Since graduation, Banister has been working with organizations in the small country of Nepal. Located South of China, Nepal is a developing country that suffers from poor health, social inequality and a lack of government support.

“A lot of people are required to fend for themselves,” Banister said. “The country consists of a lot of farming; it's a physically demanding environment there.”

Banister has been fighting for equal rights in Nepal through working with the charity the Edge of Seven, an organization that invests in projects that further alleviate women in developing countries of social inequalities, along with giving them education, health and economic opportunities.

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Pulse Photo resized 600

Two Waynesburg University alumna have made an impact and gained attention for their dedication to maintaining the University's mission of faith, service and learning after their graduation dates.

Margaret Graham, a 2010 public relations and sociology graduate, and Sarah Spicuzza, a 2011 communications and advertising graduate, have continued life after college with Pittsburgh Urban Leadership Service Experience (PULSE).

PULSE, an organization committed to cultivating a community of young servant leaders to transform Pittsburgh, places individuals in nonprofit organizations throughout the city to perform volunteer service for 35 hours a week.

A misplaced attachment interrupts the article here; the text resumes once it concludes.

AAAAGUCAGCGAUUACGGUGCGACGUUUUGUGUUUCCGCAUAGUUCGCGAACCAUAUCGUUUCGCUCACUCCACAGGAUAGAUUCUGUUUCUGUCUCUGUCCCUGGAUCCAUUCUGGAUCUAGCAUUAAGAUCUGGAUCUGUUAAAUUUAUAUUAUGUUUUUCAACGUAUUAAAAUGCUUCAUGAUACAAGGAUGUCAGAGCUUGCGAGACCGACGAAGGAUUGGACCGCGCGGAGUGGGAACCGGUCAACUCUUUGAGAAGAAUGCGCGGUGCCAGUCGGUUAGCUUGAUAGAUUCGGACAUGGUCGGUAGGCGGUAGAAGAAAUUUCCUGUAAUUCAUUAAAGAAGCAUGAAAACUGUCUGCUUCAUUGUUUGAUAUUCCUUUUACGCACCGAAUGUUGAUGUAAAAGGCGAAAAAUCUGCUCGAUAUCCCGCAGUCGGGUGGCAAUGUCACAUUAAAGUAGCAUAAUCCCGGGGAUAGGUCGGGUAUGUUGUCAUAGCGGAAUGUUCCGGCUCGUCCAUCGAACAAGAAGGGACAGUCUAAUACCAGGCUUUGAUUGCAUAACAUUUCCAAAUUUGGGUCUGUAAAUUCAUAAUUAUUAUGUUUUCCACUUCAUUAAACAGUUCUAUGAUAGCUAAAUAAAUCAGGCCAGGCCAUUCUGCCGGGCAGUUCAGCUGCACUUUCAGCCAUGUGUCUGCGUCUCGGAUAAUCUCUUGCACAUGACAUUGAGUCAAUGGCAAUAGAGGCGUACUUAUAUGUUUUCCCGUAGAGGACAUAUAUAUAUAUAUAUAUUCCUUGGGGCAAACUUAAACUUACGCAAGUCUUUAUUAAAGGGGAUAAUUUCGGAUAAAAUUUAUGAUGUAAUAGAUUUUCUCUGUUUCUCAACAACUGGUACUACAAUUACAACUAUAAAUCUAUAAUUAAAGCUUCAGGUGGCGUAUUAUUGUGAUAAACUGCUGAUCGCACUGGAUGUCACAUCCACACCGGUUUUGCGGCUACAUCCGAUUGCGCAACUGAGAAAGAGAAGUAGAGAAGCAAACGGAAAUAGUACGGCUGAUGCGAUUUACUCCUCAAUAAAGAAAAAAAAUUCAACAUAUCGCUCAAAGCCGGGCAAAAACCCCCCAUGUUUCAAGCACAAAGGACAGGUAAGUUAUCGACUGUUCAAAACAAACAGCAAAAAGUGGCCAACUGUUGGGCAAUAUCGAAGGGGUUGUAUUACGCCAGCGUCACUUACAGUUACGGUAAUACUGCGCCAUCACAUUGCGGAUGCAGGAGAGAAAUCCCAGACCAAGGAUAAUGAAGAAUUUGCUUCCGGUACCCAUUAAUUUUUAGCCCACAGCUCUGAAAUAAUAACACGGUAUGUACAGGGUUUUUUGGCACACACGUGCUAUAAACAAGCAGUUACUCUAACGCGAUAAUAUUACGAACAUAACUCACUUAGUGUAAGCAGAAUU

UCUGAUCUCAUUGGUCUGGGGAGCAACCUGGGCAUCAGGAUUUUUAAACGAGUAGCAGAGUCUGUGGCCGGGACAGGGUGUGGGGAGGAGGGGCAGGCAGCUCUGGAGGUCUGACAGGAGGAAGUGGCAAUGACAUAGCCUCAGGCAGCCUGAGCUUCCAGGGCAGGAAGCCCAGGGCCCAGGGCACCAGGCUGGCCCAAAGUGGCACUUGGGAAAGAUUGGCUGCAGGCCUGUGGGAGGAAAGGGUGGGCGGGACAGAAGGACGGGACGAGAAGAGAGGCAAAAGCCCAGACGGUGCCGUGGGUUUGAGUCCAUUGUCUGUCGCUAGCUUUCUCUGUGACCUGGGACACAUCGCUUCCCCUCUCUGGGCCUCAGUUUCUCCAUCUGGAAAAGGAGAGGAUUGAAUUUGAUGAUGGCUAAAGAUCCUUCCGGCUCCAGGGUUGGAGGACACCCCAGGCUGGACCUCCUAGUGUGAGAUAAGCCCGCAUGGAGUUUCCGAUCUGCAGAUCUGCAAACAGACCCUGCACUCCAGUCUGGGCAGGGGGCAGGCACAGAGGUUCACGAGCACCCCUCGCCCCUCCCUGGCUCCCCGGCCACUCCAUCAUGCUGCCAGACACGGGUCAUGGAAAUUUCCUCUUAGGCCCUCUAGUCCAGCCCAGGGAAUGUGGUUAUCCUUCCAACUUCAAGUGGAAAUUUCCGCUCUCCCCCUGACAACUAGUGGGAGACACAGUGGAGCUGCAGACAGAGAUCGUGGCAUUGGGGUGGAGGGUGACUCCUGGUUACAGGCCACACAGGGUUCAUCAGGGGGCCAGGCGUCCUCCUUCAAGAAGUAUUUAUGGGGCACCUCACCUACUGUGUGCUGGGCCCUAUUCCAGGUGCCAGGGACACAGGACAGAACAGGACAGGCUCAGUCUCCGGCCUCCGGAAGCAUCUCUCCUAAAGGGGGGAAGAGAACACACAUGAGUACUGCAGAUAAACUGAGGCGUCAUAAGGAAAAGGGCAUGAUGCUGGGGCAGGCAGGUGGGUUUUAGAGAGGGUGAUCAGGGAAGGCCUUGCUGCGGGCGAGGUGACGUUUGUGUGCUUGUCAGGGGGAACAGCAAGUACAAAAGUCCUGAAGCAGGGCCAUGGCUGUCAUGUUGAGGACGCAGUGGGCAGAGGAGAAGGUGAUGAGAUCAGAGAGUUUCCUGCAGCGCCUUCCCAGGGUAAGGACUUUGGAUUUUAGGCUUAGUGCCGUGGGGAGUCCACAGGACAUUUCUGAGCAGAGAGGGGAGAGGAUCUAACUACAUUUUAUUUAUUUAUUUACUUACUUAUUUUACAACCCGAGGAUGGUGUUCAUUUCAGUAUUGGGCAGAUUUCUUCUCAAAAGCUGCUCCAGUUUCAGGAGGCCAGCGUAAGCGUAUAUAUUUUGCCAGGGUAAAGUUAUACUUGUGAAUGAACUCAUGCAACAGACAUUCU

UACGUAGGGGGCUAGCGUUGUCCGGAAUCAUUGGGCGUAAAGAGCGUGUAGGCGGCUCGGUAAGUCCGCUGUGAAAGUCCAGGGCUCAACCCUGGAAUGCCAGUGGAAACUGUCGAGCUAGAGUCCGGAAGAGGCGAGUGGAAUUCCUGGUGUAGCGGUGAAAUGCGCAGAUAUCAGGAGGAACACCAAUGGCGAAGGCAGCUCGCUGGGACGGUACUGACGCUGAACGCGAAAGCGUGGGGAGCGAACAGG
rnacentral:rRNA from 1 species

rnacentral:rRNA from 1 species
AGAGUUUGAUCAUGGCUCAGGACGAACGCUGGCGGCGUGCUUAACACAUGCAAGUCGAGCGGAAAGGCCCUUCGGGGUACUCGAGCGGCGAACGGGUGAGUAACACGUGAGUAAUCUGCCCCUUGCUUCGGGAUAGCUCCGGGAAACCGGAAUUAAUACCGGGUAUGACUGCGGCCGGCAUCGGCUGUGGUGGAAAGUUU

Both Graham and Spicuzza work directly with the skill sets they learned at Waynesburg University, such as social media, newsletter writing and annual report writing for the nonprofit organizations to which they are assigned. Spicuzza serves as an executive assistant at Serving Leaders, and Graham serves as the communication coordinator at East Liberty Development Inc.

“PULSE provides a great opportunity to explore vocation and calling while receiving the support of a community and the hands-on experience in a potential career field,” Graham said. 

Both women have been recognized for their service by an online, higher education magazine, and Graham was recently named one of Western Pennsylvania's 2012 "Rising Stars," by Get Involved!, Inc. These awards are presented annually to 21 local young professionals ages 21-29 in the nonprofit, business and governmental sectors who dedicate their time and talent to community organizations and who are making a positive difference.

As Graham and Spicuzza near the end of their leadership experience with PULSE, they remember fondly their accomplishments at both Waynesburg University and with the PULSE program and look forward to a lifetime of service.

"PULSE is an extension of the great things that Waynesburg was able to offer me. Graduating from PULSE is like graduating college all over again,” Spicuzza said. “I am excited to see what God has in store for me.”


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WCTV, Waynesburg University's television station, has recently undergone improvements that will allow for better broadcasting to the campus and community. The re-designed and newly renovated television studio will not only improve the quality of University productions and student experience, but also the potential for Univeristy recruitment.

Casey Zell, a senior electronic media student and producer of the Greene Room, a WCTV production, knows that she made the right decision to attend Waynesburg University because of the hands-on experience she gained immediately as a freshman.

That hands-on experience will culminate this year when she steps foot into a completely remodeled television studio.